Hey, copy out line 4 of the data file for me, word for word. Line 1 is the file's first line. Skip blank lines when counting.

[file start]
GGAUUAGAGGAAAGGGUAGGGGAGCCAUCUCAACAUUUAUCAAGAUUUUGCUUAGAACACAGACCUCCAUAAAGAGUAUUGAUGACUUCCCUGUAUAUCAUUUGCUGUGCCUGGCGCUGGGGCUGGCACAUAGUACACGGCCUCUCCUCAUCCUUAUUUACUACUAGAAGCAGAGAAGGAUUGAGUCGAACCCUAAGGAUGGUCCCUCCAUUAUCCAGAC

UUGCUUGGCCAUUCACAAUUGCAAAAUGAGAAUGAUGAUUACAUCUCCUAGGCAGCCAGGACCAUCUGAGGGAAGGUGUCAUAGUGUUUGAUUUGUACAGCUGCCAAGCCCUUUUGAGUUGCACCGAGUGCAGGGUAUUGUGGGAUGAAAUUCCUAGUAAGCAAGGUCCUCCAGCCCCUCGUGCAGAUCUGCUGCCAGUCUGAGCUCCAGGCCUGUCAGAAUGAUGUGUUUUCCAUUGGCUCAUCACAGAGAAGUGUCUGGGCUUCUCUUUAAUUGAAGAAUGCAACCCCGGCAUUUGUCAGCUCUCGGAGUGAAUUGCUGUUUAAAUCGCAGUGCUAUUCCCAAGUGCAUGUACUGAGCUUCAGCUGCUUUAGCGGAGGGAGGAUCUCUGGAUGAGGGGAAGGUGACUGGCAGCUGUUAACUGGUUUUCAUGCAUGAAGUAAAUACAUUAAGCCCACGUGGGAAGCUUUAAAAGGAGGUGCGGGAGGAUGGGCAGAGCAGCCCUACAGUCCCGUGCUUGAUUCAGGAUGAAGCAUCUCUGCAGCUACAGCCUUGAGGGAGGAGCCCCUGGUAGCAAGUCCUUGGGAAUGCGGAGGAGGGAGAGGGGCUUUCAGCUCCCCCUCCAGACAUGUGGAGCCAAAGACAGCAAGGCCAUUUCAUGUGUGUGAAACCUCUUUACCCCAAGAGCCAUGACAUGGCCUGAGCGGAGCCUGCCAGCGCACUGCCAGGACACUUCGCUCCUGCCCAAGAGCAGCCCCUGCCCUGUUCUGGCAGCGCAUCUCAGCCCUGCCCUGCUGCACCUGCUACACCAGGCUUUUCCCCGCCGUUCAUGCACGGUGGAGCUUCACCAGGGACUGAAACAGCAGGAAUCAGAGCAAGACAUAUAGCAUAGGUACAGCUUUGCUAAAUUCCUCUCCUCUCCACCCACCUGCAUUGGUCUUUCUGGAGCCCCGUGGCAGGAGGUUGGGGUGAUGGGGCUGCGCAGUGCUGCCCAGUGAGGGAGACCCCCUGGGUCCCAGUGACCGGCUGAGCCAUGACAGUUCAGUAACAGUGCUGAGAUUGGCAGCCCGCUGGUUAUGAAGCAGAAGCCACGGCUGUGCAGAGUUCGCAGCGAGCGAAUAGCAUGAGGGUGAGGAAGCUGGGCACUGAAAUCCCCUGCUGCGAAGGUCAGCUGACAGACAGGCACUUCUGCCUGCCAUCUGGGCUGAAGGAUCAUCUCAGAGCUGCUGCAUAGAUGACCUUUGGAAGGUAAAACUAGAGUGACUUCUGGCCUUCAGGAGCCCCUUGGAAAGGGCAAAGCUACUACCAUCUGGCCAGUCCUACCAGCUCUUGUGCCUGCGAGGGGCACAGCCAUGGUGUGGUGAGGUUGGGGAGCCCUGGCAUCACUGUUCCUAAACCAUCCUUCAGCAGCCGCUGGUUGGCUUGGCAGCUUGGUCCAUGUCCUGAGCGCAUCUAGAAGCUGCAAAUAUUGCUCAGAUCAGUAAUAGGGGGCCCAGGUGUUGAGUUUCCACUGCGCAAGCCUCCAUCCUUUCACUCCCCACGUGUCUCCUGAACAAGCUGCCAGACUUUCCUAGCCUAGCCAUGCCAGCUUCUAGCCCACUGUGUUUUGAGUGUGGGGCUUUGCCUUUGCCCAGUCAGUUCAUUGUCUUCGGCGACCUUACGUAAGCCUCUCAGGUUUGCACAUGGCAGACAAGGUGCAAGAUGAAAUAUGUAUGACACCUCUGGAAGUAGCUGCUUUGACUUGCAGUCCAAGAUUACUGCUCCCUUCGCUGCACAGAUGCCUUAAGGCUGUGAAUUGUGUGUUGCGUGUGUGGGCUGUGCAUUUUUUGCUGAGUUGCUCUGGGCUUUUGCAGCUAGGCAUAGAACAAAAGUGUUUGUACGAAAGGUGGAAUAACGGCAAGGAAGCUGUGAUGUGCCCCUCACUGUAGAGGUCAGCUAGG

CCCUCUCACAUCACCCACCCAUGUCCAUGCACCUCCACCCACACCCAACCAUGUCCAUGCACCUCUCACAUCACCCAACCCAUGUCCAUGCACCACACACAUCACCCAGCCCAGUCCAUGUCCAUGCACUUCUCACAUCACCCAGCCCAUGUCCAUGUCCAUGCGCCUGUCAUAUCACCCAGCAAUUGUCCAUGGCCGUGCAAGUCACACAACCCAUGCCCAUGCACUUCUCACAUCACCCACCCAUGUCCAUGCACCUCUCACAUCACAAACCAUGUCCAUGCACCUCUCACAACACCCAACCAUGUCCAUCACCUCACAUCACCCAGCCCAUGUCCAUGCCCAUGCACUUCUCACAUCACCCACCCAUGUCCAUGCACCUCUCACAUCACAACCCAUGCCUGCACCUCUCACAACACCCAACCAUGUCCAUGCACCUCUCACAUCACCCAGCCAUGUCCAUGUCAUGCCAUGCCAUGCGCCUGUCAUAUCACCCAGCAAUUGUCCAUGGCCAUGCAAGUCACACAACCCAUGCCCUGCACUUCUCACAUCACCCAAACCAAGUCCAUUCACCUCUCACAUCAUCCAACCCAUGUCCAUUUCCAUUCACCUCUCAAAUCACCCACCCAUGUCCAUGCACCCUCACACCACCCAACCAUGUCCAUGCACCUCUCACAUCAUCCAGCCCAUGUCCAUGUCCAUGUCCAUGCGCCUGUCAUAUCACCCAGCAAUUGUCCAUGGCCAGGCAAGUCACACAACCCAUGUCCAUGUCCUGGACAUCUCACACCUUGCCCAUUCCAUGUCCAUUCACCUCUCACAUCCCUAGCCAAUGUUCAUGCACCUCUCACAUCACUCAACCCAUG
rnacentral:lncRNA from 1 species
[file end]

rnacentral:lncRNA from 1 species